Parental Drug Use as Child Abuse

Parental Drug Use as Child Abuse

Parental Drug Use as Child Abuse

Parental Drug Use as Child AbuseTwo parents have recently made the news for sharing a dangerous habit:

A Montgomery County (PA) mother allegedly introduced her 15-year-old daughter and the girl’s teenage boyfriend to heroin and would take the couple — and sometimes an 8-year-old child — on trips into Philadelphia to buy the drug.”

A 4-year-old in Delaware took lessons in sharing to a new level when she handed out what she thought were bags of candy from her backpack to her friends at the Hickory Tree Child Care Center in Selbyville. Instead, the small bags of white powder were filled with heroin, according to a note posted on the Facebook page of the Delaware State Police.”

Sadly, stories such as these are becoming more common throughout the country. Communities can no longer turn a blind eye to what is happening in their backyards – and perhaps even in their own families.

According to The U.S. Department of Health and Human Services, “the lives of millions of children are touched by substance use disorders (SUDs). The 2007 National Survey on Drug Use and Health reports that 8.3 million children live with at least one parent who abused or was dependent on alcohol or an illicit drug during the past year. This includes 13.9 percent of children aged 2 years or younger, 13.6 percent of children aged 3 to 5 years, 12.0 percent of children aged 6 to 11 years, and 9.9 percent of youths aged 12 to 17 years. These children are at increased risk for abuse or neglect, as well as physical, academic, social, and emotional problems.”

The Child Abuse Prevention and Treatment Act defines child abuse this way: “Any recent act or failure to act on the part of a parent or caretaker which results in death, serious physical or emotional harm, sexual abuse or exploitation, or an act or failure to act which presents an imminent risk of serious harm.” By that definition, parents who abuse substances are abusing children.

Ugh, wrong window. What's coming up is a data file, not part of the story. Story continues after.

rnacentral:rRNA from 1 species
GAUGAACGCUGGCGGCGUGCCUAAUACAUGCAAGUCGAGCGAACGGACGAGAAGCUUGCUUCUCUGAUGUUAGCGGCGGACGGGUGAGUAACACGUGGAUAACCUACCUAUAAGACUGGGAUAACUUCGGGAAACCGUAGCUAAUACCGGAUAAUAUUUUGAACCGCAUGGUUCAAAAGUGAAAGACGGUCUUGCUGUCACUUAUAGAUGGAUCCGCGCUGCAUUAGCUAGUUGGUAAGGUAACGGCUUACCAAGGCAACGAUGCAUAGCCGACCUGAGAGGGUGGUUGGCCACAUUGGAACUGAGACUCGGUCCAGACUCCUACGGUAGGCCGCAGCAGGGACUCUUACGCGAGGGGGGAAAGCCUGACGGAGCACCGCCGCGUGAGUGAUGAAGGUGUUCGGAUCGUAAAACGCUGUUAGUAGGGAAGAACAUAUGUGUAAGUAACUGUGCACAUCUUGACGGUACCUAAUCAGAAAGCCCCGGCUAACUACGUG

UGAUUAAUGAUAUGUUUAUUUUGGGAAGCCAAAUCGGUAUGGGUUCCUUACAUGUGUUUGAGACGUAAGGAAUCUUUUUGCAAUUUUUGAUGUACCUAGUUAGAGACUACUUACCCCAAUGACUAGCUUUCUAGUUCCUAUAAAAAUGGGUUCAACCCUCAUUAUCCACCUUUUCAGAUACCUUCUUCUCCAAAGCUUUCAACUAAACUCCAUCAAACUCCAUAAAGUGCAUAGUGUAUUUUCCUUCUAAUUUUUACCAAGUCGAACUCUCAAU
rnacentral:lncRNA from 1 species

The Impact of Caregiver Substance Abuse on a Child

If a child is born to a mother who used drugs during pregnancy, medical conditions that could result include:

  • Impediments in physiological growth
  • Malformation in heart, lungs and brain
  • Neurological impairment
  • Impaired intellectual functioning

Social challenges may include:

  • Inability to recognize and define social cues
  • Poor frustration tolerance
  • Anger management issues
  • Little respect for rules or excessive adherence to rules based on fear
  • Social isolation and withdrawal
  • Addictive behaviors
  • School performance problems
  • Legal impact
  • Choosing peers involved with substances and criminal activity
  • Mental health diagnoses

Additionally, children raised in homes in which drugs and alcohol are in regular use may fall prey to developmental deficits because of the prenatal challenges on top of neglect and abuse perpetrated by caregivers who put substance use before the safety of their children. Continued use may also lead to physical injury requiring medical intervention and to involvement with Child Protective Services.

In one extreme case, a father with a heroin addiction sat with his adolescent son, tied off his arm and injected him, telling him life was hard and the only thing that made it bearable was drugs. He said he wanted his son to learn the “right way to use.” The boy overdosed shortly after his father introduced him to heroin.

There’s Hope for Children of Addicted Parents

“An examination of a social-skills intervention called Children’s Friendship Training found that it led to a decrease in hostile attributions or perceptions of children with PAE (Prenatal Alcohol Exposure),” according to an article from Promises Treatment Center. In this program, the participants were able to learn skills that would assist them in creating and sustaining meaningful connections and improve overall social functioning.

For children of addicted parents, solid support is crucial, whether it comes from family, friends, faith community, school, scouting, support groups or therapy. These can help stave off the devastating impact and perhaps break the cycle of multi-generational abuse.

For the parent, choosing recovery can prevent further damage in their own lives as well as the lives of the children they love.

Find relief in recovery. Life gets better with addiction treatment.

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